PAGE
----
Net neutrality becomes hard to define

FCC chairman Tom Wheeler's proposed rules on Internet neutrality are receiving considerable pushback, even as the evolving nature of the Internet muddies the picture of what net neutrality might actually look like. Wheeler's fellow Democratic commissioner Jessica Rosenworcel has called for a May 15 FCC commissioner vote on the proposed rules to be pushed back at least one month, and Google, Facebook, and other Web companies have criticized the new proposed rules, according to a report in Politico.

Meanwhile, the third Democratic commissioner, Mignon Clyburn, expressed her support for an open Internet, while noting that in 2010 she had favored the prohibition of any pay-for-priority arrangements, in a blog post yesterday.

“There is no doubt that preserving and maintaining a free and open Internet is fundamental to the core values of our democratic society, and I have an unwavering commitment to its independence,” she wrote, but added, “My mind remains open as I continue to evaluate how best to promote these fundamental, core values.”

Complicating the picture is the changing nature of the Internet. Timothy B. Lee writing in Vox outlined the problem: “…Wheeler's decision to water down network neutrality regulations isn't even the biggest threat to the open internet right now. The internet itself is changing in ways that threaten to make the conventional net neutrality debate almost irrelevant. In recent weeks, Netflix has agreed to pay first Comcast and then Verizon for private connections directly to their respective networks. Netflix signed these deals under protest, charging that it had been coerced to pay 'tolls' just to deliver content to their own customers.”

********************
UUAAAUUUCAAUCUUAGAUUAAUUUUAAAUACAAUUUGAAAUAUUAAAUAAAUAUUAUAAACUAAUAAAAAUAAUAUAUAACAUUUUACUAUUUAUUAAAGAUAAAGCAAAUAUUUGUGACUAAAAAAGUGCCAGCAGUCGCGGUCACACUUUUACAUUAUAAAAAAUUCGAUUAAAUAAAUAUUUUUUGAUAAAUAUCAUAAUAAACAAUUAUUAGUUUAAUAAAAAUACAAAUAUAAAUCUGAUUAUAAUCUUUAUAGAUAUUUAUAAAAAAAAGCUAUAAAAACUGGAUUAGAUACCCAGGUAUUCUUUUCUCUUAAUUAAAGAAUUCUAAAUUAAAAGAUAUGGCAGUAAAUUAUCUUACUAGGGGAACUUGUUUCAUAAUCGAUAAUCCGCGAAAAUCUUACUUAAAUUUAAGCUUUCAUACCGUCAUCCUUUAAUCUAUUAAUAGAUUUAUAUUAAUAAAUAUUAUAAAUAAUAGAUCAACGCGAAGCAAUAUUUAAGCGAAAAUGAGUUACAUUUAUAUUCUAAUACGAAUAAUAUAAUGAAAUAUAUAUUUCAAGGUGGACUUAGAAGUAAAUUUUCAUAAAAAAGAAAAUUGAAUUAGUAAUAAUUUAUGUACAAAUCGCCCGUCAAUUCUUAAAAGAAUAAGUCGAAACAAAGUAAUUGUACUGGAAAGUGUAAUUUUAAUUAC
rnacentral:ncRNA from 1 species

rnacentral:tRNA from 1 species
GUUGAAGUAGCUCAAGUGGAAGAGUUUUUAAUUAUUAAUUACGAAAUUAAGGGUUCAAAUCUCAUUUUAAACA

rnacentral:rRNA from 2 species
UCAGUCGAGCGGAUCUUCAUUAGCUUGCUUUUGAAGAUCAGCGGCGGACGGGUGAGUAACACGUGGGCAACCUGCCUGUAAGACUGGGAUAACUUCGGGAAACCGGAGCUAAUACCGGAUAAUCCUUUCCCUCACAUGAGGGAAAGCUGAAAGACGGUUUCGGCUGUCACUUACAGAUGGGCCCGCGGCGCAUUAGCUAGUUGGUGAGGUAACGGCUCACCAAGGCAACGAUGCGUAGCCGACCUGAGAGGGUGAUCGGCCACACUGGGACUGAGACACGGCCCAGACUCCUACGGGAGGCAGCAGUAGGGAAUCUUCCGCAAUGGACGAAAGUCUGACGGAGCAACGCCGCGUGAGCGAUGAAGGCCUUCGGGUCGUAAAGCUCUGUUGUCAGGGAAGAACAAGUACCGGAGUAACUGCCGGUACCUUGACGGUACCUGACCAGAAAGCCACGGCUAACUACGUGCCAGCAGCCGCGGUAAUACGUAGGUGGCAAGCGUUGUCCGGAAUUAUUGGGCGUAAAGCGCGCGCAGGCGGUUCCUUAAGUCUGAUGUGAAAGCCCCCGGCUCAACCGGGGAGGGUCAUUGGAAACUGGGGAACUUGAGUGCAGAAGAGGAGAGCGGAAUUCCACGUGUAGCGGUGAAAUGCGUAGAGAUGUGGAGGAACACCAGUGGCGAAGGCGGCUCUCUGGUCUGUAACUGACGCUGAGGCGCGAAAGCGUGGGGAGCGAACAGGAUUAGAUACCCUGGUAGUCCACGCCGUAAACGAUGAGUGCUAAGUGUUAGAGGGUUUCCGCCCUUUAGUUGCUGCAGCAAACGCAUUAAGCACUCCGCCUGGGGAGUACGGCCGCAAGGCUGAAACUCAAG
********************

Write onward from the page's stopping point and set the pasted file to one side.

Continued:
Lee's well illustrated article describes the problem. Internet content has traditionally traveled from a Web company through an Internet backbone transit provider and ISP to the home. With this scheme, net neutrality is relatively easy to enforce. A special toll fast lane along what has been considered the public information highway can be prohibited. However, an ISP and Web company (Comcast and Netflix, for example) can now bypass the transit provider and establish what is essentially a private road between the two.

Lee concluded, “The bottom line is that network neutrality advocates will need to broaden their thinking to respond effectively to the Internet's changing structure. Merely banning fast lanes isn't going to accomplish much if the largest ISPs are allowed to sell new private roads.”

Mozilla is offering its own take on net neutrality. In a petition filed with the FCC this week, the company wrote, “The concept of privity in network operations has changed. No longer does a network operator interact only with those entities that directly connect to it. Now, relationships between the operator and remote hosts can play a significant role in network management….” The company added that regulations developed decades ago have hobbled the FCC's ability to oversee the net's evolution.

Mozilla recommends that the FCC recognize two service models of Internet access via ISPs: local delivery, connecting each end user to all edge providers, and remote delivery, connecting each edge provider to all end users. The latter, under Mozilla's approach, would be classified as “telecommunications services subject to Title II”—that is, what Mozilla calls remote delivery would be treated as plain-old-telephone networks are now. Chris Riley at Mozilla has a blog post that illustrates the company's recommendation.

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